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Native Pathways to Education
Alaska Native Cultural Resources
Indigenous Knowledge Systems
Indigenous Education Worldwide

Lessons & Units

A database of lessons and units searchable by content and cultural standards, cultural region and grade level. More units will be available soon. You can use Acrobat Reader to look at the PDF version of the Cover Sheet for the Units and Self-Assessment for Cultural Standards in Practice.


Lesson 1 What is a Bird?


1) Students will describe the main characteristics of a bird.

2) Students will label the different parts of a bird.

3) Students will tell why different types of birds have different shaped bodies, wings and tails, beaks, feet and how these adapt each type of bird to its way of life.

4) Students will answer the question "How do birds fly?"


1) Brainstorm about "What is a bird?" and how it differs from other animals. What special characteristics enable birds to fly? Refer to the page "How Birds Fly" and have students try the experiment.

2) Make a chart to compare birds with another example of local wildlife such as a mouse, squirrel or rabbit. How are they alike; how are they different?

3) Have each student draw a bird and label its parts. Then compare the drawings with the one from Alaska's Birds, pg. 5.

4) Look at the sketches of the different types of beaks, feet, wing shapes and tail shapes for different birds (Alaska's Birds, pg. 7-9). Discuss the purpose/advantage of the variations. Do "Feet Are Neat."

5) Discuss why it is important that birds are light in weight. Have students look at chicken bones. (If you soak the bones in vinegar for several weeks beforehand, the bones will be soft enough for the students to cut.) Point out that the hollow bones reduce weight. Struts in some of the bones help strengthen the bones without adding much extra weight.

Assignment: Ask students to collect samples of as many different kinds of feathers as they can find and bring them to school.


How Birds Fly

Like airplanes, birds are streamlined and are built of light materials so that they can lift easily in the air. Feathers point backward. Bills are lighter and more streamlined than the heavy jaws of mammals and reptiles. Most bird bones are hollow and filled with air from the bird's lungs. Even the wishbone is hollow. Next time you eat chicken or duck, look at the hollow bones.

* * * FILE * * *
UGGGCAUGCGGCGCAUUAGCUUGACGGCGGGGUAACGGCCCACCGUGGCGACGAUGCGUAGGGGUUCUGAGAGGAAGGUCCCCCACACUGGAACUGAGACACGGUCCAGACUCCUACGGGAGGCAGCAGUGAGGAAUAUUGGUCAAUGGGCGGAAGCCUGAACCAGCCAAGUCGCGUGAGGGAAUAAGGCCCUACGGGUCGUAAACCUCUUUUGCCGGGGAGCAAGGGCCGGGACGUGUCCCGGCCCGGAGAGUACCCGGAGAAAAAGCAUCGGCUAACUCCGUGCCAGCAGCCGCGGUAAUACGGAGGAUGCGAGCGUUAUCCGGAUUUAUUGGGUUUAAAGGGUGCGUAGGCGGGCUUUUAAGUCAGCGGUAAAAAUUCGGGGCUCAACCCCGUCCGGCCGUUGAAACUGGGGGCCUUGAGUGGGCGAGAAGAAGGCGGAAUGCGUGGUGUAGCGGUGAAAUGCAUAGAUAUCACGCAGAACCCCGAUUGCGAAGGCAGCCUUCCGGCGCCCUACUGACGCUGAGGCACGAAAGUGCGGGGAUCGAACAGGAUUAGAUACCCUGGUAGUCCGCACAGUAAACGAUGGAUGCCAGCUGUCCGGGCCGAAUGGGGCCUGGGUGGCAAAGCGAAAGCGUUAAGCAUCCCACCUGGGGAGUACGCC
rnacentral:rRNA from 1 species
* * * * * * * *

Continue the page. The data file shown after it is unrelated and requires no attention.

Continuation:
Birds move through the air by pulling themselves forward like a person rowing a boat. They push air down and back with the broad side of the wing, then slightly turn and fold the wing to move it forward. Some birds with great, broad wings can soar and glide for long periods without flapping. Other birds have short wings and have to flap fast to stay up. Bird wings and airplane wings have a similar shape. This shape causes an airfoil that provides lift.


airplane and bird wing




Hold a piece of paper like this and blow under it.

Hold a piece of paper like this and blow under it. The force of the wind will push it up.

Now blow across the top of the paper and watch it lift.


Now blow across the top of the paper and watch it lift.

The slow moving air under the paper forces the paper up through the fast moving air on top of the paper, creating lift.



Parts of a Bird: First, learn the different parts of a bird. When you see a bird, try to notice what color and shape each part of the bird is. For example, if you saw the bird shown below, you might say it was brown. But if you looked at it carefully, you would notice its back, wings, and tail are brown, but its crown is black and white, its bill, legs, and feet are orange, and its breast and belly are light gray.

Parts of a Bird


Bird Wings:

Bird Wings





Bill shape is a good identification clue. You can also tell a lot about a bird's feeding habits by the shape of its bill.

Insect eaters

Insect eaters have slender, pointed bills (flycatchers, warblers, thrushes, and swallows).

Seed eaters


Seed eaters have short, stout, cone-shaped bills for cracking seeds (pine grosbeaks, redpolls, and sparrows).

Woodpeckers have strong, straight, chisel-like bills for drilling into wood to catch insects.


Mud probers